The United Nations Office on Drugs and Crime (UNODC) has said that it will this year partner with organisations under the International Consortium on Combating Wildlife Crime (ICCWC) to effectively tackle wildlife and forest crime.
The UN body said on Tuesday, March 3, 2020 on the World Wildlife Day that, following the Nigerian government’s request, it will implement the ICCWC Toolkit and Indicator Framework for Combating Wildlife and Forest Crime.
Both tools, it was gathered, will provide the basis to conduct the first comprehensive assessment of Nigeria’s policy, legal and institutional preparedness to effectively tackle wildlife and forest crime, paving the way for a holistic and evidence-based response by the Nigerian government.
The ICCWC Toolkit and Indicator Framework were introduced to national stakeholders at a CITES stakeholders meeting that held on Monday March 2, 2020 in Abuja.
Mr. Timothy Daniel John, Head of Wildlife and CITES Management Division at the Federal Ministry of Environment, welcomed the upcoming implementation of the ICCWC Toolkit and Indicator Framework for Combating Wildlife and Forest Crimes.
“The increase of trafficking of illicit wildlife and forest products over the last couple of years in Nigeria is particularly worrying and it is time for national and international partners to take the necessary measures for an efficient response. The implementation of the ICCWC Toolkit and Indicator Framework will identify the strengths and weaknesses of Nigeria’s current response to wildlife and forest crime, thus contributing to the development of an adequate action plan for the various stakeholders to tackle this serious crime,” he said.
Last year, on World Wildlife Day 2019, UNODC raised concerns about the trend of increased trafficking of pangolin scales through Nigerian ports. A recent UNODC wildlife crime threat assessment in West and Central Africa confirmed this trend with seizures of pangolin scales originating from or being trafficked through Nigeria escalating from approximately two tons in 2015, to close to eight tons in 2016 and 2017 respectively, and almost 24 tons in the first seven months of 2018.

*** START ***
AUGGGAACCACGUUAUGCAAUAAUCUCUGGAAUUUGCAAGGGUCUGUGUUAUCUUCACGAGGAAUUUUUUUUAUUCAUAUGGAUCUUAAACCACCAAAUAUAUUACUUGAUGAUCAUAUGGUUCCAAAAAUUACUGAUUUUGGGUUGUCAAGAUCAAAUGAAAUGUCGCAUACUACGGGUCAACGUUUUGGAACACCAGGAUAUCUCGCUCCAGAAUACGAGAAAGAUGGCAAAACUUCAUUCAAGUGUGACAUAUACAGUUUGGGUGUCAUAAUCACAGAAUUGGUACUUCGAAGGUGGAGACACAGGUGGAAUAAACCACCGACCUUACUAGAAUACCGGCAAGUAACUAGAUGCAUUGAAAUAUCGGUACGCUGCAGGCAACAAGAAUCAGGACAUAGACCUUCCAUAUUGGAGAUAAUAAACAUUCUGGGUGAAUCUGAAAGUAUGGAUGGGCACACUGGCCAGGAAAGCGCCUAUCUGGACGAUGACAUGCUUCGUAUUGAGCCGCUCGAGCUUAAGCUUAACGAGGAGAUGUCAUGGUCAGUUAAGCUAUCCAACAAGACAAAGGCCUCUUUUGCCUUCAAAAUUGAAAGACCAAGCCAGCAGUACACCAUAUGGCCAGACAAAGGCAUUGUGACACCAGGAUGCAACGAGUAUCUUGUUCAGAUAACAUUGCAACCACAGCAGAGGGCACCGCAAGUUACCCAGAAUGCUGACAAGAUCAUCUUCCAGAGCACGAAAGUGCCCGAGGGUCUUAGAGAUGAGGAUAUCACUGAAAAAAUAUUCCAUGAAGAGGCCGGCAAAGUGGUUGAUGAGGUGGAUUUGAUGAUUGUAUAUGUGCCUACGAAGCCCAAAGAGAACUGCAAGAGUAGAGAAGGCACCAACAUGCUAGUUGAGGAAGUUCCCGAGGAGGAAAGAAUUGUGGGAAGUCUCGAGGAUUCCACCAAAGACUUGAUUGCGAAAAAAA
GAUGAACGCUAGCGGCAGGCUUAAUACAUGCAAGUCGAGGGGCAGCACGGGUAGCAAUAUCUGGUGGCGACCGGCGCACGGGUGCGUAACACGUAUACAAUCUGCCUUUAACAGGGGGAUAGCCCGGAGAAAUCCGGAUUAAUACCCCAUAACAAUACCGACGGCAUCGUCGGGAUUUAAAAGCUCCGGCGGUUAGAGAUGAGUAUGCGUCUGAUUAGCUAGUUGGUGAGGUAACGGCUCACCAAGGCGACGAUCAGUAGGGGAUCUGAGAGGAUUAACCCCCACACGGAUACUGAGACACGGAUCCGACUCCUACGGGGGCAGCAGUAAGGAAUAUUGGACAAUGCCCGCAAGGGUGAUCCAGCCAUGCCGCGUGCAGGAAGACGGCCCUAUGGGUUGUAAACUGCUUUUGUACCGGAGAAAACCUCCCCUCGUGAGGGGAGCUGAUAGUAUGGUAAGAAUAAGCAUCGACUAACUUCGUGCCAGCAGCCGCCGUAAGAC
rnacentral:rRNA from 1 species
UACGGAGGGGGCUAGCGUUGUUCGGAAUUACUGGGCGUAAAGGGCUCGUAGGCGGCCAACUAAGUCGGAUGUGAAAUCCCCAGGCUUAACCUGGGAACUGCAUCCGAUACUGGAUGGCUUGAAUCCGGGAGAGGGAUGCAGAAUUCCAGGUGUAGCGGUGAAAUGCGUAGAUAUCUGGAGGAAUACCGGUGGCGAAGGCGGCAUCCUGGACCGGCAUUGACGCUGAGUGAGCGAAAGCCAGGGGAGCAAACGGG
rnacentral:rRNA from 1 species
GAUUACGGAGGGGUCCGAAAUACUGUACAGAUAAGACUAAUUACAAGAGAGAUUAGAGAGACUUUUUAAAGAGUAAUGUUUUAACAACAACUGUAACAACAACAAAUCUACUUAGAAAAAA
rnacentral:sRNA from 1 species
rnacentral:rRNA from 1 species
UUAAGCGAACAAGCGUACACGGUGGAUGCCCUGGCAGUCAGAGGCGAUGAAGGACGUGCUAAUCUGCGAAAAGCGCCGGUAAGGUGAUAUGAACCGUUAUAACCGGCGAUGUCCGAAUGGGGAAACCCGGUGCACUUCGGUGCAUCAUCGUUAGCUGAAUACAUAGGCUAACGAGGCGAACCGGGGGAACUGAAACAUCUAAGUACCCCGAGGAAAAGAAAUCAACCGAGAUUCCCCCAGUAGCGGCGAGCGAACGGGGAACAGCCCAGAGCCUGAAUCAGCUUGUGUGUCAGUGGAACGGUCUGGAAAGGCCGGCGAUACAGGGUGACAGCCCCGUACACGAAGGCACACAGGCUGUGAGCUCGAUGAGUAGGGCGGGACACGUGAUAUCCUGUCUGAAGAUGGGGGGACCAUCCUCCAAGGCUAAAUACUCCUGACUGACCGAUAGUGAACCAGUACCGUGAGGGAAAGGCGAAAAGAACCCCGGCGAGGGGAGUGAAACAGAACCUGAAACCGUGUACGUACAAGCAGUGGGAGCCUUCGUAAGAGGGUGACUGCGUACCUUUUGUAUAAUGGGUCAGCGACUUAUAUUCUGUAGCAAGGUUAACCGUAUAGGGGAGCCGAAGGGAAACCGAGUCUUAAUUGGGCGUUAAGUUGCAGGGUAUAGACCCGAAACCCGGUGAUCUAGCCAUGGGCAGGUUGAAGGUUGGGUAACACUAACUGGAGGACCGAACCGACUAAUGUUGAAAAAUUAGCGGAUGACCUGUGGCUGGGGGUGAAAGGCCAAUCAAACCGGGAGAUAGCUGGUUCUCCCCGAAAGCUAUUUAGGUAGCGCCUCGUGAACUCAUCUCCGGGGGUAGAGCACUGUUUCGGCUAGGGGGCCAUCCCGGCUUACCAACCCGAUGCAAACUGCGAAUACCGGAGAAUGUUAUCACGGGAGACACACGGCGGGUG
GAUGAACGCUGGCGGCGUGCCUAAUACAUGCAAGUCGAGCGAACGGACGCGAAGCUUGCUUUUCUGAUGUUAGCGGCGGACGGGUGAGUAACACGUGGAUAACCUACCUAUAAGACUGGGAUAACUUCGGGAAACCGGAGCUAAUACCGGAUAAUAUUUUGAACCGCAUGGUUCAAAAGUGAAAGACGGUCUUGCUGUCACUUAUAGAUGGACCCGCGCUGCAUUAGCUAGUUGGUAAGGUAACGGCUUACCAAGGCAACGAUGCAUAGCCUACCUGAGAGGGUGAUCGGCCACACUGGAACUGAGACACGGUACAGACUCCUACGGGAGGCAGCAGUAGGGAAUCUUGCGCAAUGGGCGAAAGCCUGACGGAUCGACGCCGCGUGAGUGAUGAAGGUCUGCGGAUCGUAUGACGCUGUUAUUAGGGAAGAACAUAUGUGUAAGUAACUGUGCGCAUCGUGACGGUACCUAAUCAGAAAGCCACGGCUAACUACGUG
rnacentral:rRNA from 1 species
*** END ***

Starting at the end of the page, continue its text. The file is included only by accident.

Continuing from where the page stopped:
The assessment shows that, between 2014 and 2018, half of the 40 largest seizures of pangolin scales could be traced back to Nigeria.
“Considering the trends of the phenomenon, it is crucial for Nigeria to strengthen its criminal justice response to tackle the illicit trafficking in wildlife and forest products. Until recently, wildlife crime has not been viewed as priority area of intervention in Nigeria, both by national counterparts and international partners,” said the UNODC.
A 2016 World Bank report found that, in sub-Saharan Africa, Nigeria was the third lowest recipient of international investments to fight against illegal wildlife trade, with only $0.3 million invested between 2010 and 2016.
“However, with the alarming trends of pangolins trafficking related to Nigeria, things are changing,” stated the UNODC.